2008 - Volume #32, Issue #4, Page #03[ Sample Stories From This Issue | List of All Stories In This Issue | Print this story | Read this issue]
Simple System Turns Waste Oil Into Diesel Fuel
"Basically I just clean up used oil and add diesel fuel to it. It makes a very cheap fuel and I haven't had any problems," says Rosenboom, who set the system up in his garage. "My total cost was less than $1,000."
The system consists of a 300-gal. bulk tank and two 55-gal. barrels spaced about 15 ft. apart. A 12-volt pump with a filter and valve system are positioned between them. There are three filters in line. The last filter is fitted with a magnet specially designed for engine oil. It picks up particles down to 1 1/2 microns in size. Waste oil is delivered to Rosenboom's farm and stored in the 300-gal. tank, where any water and solid particles settle to the bottom.
The first step is to pour a 5-gal. can of diesel fuel into the mixing barrel. To make a 3:1 mix he then pumps in 15 gal. of waste oil. Using a 3-ft. long paint mixer attached to a portable drill, he mixes the oil and diesel for about three minutes. Then he puts the lid back on the barrel, opens a pair of valves, and turns on the 12-volt pump to send the mixture through the filters and into the 55-gal. "fill" barrel.
After shutting off both valves to the barrels and opening up two other valves, he turns on the pump again to reverse the flow and filter the mixture a second time. A hose and nozzle at the fill barrel is used to fuel up vehicles or to pump the final mixture out to a storage barrel.
"If you had told me six months ago that this idea would work, I'd have said you were smoking funny cigarettes," says Rosenboom.
"I have a guy deliver the waste oil to me at a price of $1 per gallon. He has his own business picking up waste oil. It eliminates the need to run around to a lot of service stations myself. I let the raw oil sit for one or two weeks so the water and solid particles settle out to the bottom before I mix it with diesel fuel."
He says he came up with the idea two years ago. "I thought about pressing my own soybeans, but I'm a cow-calf operator with 100 cows so I don't have the time to process oil. I'm not adding any chemicals or cleaning solutions to the diesel fuel so I haven't seen any buildup of gunk on the fuel injectors. The stored fuel doesn't appear to separate at all. It looks thin and dark instead of gummy like pure oil."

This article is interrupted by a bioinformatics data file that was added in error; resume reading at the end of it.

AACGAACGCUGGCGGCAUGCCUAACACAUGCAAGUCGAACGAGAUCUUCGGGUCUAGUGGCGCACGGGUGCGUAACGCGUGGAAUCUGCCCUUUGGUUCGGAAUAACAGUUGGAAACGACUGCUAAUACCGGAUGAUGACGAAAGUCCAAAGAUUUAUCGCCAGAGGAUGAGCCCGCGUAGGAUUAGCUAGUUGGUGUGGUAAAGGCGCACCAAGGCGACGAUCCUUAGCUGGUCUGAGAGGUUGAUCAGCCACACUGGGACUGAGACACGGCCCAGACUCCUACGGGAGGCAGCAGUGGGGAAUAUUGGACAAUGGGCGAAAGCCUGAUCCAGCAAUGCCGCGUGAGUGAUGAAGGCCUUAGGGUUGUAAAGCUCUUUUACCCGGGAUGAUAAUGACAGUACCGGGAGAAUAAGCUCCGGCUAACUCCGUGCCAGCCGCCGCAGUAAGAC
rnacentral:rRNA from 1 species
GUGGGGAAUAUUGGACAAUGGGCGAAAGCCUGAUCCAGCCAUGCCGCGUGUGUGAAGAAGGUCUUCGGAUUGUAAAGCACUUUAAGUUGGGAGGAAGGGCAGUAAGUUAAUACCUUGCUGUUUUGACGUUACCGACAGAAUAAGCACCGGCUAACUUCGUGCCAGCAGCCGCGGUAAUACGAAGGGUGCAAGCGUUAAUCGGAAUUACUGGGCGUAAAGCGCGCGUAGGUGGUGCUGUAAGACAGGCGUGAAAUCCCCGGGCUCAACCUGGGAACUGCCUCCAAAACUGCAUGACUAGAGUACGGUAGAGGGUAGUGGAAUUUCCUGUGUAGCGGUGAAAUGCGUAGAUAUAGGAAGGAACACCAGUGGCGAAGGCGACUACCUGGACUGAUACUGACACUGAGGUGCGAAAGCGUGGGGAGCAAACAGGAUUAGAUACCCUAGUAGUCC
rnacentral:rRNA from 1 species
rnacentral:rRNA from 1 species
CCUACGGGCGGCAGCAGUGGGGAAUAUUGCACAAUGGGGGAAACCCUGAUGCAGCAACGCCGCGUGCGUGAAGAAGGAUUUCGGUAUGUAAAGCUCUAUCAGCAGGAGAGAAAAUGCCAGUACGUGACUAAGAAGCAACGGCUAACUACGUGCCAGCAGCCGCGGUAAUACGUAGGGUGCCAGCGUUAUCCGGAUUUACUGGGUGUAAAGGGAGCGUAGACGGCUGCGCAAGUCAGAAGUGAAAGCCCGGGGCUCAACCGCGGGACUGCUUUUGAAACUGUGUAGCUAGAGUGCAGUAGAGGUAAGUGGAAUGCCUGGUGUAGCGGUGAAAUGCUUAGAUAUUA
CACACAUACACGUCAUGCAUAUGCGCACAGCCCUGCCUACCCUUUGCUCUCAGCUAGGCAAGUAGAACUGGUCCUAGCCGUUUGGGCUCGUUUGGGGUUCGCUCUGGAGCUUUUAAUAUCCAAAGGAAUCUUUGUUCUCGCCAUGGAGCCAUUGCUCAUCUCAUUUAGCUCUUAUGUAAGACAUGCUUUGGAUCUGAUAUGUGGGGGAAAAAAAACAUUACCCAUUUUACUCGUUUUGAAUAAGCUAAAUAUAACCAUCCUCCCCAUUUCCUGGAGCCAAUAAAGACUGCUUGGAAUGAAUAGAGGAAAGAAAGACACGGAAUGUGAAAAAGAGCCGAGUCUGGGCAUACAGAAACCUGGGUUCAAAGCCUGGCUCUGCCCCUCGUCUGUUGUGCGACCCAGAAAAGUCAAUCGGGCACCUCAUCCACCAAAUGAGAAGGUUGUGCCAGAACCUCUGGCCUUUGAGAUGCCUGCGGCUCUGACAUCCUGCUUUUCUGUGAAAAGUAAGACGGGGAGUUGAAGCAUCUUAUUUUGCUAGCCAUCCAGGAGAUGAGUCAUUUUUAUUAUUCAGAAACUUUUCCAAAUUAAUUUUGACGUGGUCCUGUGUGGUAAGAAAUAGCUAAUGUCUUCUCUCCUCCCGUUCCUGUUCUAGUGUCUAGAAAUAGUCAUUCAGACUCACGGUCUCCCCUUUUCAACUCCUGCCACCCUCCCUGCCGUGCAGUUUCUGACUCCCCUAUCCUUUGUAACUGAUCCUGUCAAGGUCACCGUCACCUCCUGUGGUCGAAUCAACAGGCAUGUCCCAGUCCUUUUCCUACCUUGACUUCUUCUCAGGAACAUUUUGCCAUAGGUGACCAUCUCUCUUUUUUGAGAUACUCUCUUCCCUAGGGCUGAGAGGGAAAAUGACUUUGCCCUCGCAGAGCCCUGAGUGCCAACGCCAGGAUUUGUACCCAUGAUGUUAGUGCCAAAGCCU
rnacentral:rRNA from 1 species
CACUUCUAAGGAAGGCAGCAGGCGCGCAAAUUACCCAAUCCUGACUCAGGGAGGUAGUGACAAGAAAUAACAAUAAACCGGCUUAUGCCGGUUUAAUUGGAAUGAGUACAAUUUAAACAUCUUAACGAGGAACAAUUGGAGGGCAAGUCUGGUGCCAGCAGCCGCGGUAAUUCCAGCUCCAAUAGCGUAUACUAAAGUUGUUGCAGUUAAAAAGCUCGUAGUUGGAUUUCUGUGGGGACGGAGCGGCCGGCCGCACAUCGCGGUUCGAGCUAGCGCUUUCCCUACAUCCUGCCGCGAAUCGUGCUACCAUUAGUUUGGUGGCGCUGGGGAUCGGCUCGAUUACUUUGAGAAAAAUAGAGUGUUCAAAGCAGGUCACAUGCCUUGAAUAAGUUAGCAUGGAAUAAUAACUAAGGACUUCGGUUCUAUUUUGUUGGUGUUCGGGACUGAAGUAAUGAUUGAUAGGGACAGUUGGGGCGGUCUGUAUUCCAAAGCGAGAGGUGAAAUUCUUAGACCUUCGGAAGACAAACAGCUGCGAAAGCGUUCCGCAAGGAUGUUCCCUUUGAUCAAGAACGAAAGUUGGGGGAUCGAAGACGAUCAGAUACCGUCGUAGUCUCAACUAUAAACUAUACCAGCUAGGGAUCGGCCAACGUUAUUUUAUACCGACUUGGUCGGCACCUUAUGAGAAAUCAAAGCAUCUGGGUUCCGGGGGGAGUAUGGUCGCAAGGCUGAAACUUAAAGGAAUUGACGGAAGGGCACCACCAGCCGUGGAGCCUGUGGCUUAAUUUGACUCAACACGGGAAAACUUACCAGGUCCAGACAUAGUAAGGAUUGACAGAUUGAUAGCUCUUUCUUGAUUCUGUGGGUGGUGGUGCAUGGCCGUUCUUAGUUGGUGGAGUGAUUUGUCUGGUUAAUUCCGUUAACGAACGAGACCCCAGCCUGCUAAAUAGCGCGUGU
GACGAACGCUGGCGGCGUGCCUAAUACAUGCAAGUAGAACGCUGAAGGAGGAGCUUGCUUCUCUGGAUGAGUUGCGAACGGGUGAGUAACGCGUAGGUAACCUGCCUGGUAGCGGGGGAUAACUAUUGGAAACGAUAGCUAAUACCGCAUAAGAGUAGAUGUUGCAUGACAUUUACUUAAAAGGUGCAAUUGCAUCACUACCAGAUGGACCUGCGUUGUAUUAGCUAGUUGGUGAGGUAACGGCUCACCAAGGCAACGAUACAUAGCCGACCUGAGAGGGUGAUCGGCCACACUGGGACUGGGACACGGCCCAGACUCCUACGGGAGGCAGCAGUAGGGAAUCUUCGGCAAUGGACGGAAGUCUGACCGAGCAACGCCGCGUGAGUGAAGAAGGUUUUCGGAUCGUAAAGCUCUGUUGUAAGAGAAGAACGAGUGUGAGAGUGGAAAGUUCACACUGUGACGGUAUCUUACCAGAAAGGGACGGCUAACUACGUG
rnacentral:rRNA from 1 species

Rosenboom has four tractors that he operates on a 4:1 mix of waste oil to diesel fuel, and he says they all run good. "By trial and error I've learned that if there's too much oil the engine will smoke a lot. Also, one of my tractors is an early 1960's model and the oil-diesel fuel makes it a little hard to start.
"I use a 2:1 mix in my 1999 Dodge 4-WD pickup equipped with a Cummins diesel engine, and it loves it. It starts quicker, and idle engine rpm's increased from 850 to 900 with no other modifications to the engine. I don't know why the engine rpm's go up - maybe because the cleaned-up oil frees up engine parts."
The economics are definitely favorable, says Rosenboom. As an example, he points to the 50 gallons of fuel he recently made at a 4:1 ratio. "I used 10 gallons of farm diesel at a cost of $4.34 per gallon, for a total diesel cost of $43.40. I used 40 gallons of used oil for a total oil cost of $40. So my total cost was $83.40, which comes out to $1.69 per gallon. That's a savings of $133.60," says Rosenboom.
A custom baler friend of his, who makes 10,000 round bales a year, recently set up his own system after looking at Rosenboom's. "He has three tractors for operating a mower, rake, and baler and uses 7,500 gallons of diesel fuel per year. Sometimes he goes through 75 gallons per day to keep all the tractors going. He gets his waste oil for nothing and doesn't even measure it. He just dumps it into a filter system that he set up on each of his tractors. Each filter has a magnet. Sometimes he barely gets any diesel fuel in the mix so he's running the tractor almost on straight waste oil. I don't recommend that because it might cause problems, especially in cold weather."
He paid $179 for the 12-volt pump. "I used a small pump because I didn't want to build up too much pressure and bypass the filters. The pump has a capacity of 330 gallons per hour or 5 1/2 gallons per minute. You could make a less expensive system using a $20 barrel pump.
"If you want to try this idea without spending a lot of money, go buy five gallons of diesel fuel and mix it with 10 gallons of new oil, then dump it in your diesel-powered car or pickup. That'll prove to you this idea really works."
Rosenboom says if there's enough interest he's willing to supply a detailed parts list and plumbing diagram for sale.
Contact: FARM SHOW Followup, Gerry Rosenboom, 5515 Hwy. 8 West, Mena, Ark. 71953 (ph 479 394-5817; email@example.com).
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